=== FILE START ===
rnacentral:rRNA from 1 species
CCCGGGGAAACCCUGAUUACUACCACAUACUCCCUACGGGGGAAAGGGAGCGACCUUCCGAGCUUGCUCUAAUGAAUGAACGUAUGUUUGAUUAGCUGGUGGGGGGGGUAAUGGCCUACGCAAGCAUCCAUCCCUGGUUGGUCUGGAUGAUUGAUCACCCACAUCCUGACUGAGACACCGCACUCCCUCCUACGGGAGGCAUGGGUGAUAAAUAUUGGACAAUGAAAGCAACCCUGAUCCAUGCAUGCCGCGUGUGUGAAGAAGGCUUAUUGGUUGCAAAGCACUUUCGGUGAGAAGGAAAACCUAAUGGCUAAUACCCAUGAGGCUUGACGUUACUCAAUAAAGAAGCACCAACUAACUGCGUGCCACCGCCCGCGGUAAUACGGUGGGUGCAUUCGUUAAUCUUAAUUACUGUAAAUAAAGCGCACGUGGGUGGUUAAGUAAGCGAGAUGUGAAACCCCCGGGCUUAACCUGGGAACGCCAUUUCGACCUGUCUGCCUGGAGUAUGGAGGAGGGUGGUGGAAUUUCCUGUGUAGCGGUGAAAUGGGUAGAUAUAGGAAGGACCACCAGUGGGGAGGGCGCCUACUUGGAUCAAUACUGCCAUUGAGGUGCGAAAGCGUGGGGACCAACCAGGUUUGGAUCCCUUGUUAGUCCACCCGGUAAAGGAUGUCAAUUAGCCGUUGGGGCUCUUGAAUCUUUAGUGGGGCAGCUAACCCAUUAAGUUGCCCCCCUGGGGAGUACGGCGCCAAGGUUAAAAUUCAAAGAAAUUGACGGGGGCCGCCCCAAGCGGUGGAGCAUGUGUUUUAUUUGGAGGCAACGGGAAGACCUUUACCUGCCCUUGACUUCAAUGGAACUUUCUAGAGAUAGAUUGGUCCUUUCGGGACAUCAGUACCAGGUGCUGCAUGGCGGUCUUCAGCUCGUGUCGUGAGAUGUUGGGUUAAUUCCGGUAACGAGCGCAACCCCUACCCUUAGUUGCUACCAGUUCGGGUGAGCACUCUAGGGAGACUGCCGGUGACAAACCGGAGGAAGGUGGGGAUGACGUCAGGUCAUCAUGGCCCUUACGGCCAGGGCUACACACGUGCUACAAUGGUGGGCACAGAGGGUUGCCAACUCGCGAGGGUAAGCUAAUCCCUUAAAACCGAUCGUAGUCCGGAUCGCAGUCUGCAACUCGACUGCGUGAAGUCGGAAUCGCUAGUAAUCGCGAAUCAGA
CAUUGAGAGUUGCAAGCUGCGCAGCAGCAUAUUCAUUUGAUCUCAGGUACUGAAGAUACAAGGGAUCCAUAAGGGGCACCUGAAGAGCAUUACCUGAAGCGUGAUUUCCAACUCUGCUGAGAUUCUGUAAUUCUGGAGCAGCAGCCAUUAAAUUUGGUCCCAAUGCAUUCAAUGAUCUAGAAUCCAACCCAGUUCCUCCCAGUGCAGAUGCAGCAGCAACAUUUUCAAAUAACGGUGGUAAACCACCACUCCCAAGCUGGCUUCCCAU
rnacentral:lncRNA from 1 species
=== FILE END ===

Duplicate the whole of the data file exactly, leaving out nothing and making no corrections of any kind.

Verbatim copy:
rnacentral:rRNA from 1 species
CCCGGGGAAACCCUGAUUACUACCACAUACUCCCUACGGGGGAAAGGGAGCGACCUUCCGAGCUUGCUCUAAUGAAUGAACGUAUGUUUGAUUAGCUGGUGGGGGGGGUAAUGGCCUACGCAAGCAUCCAUCCCUGGUUGGUCUGGAUGAUUGAUCACCCACAUCCUGACUGAGACACCGCACUCCCUCCUACGGGAGGCAUGGGUGAUAAAUAUUGGACAAUGAAAGCAACCCUGAUCCAUGCAUGCCGCGUGUGUGAAGAAGGCUUAUUGGUUGCAAAGCACUUUCGGUGAGAAGGAAAACCUAAUGGCUAAUACCCAUGAGGCUUGACGUUACUCAAUAAAGAAGCACCAACUAACUGCGUGCCACCGCCCGCGGUAAUACGGUGGGUGCAUUCGUUAAUCUUAAUUACUGUAAAUAAAGCGCACGUGGGUGGUUAAGUAAGCGAGAUGUGAAACCCCCGGGCUUAACCUGGGAACGCCAUUUCGACCUGUCUGCCUGGAGUAUGGAGGAGGGUGGUGGAAUUUCCUGUGUAGCGGUGAAAUGGGUAGAUAUAGGAAGGACCACCAGUGGGGAGGGCGCCUACUUGGAUCAAUACUGCCAUUGAGGUGCGAAAGCGUGGGGACCAACCAGGUUUGGAUCCCUUGUUAGUCCACCCGGUAAAGGAUGUCAAUUAGCCGUUGGGGCUCUUGAAUCUUUAGUGGGGCAGCUAACCCAUUAAGUUGCCCCCCUGGGGAGUACGGCGCCAAGGUUAAAAUUCAAAGAAAUUGACGGGGGCCGCCCCAAGCGGUGGAGCAUGUGUUUUAUUUGGAGGCAACGGGAAGACCUUUACCUGCCCUUGACUUCAAUGGAACUUUCUAGAGAUAGAUUGGUCCUUUCGGGACAUCAGUACCAGGUGCUGCAUGGCGGUCUUCAGCUCGUGUCGUGAGAUGUUGGGUUAAUUCCGGUAACGAGCGCAACCCCUACCCUUAGUUGCUACCAGUUCGGGUGAGCACUCUAGGGAGACUGCCGGUGACAAACCGGAGGAAGGUGGGGAUGACGUCAGGUCAUCAUGGCCCUUACGGCCAGGGCUACACACGUGCUACAAUGGUGGGCACAGAGGGUUGCCAACUCGCGAGGGUAAGCUAAUCCCUUAAAACCGAUCGUAGUCCGGAUCGCAGUCUGCAACUCGACUGCGUGAAGUCGGAAUCGCUAGUAAUCGCGAAUCAGA
CAUUGAGAGUUGCAAGCUGCGCAGCAGCAUAUUCAUUUGAUCUCAGGUACUGAAGAUACAAGGGAUCCAUAAGGGGCACCUGAAGAGCAUUACCUGAAGCGUGAUUUCCAACUCUGCUGAGAUUCUGUAAUUCUGGAGCAGCAGCCAUUAAAUUUGGUCCCAAUGCAUUCAAUGAUCUAGAAUCCAACCCAGUUCCUCCCAGUGCAGAUGCAGCAGCAACAUUUUCAAAUAACGGUGGUAAACCACCACUCCCAAGCUGGCUUCCCAU
rnacentral:lncRNA from 1 species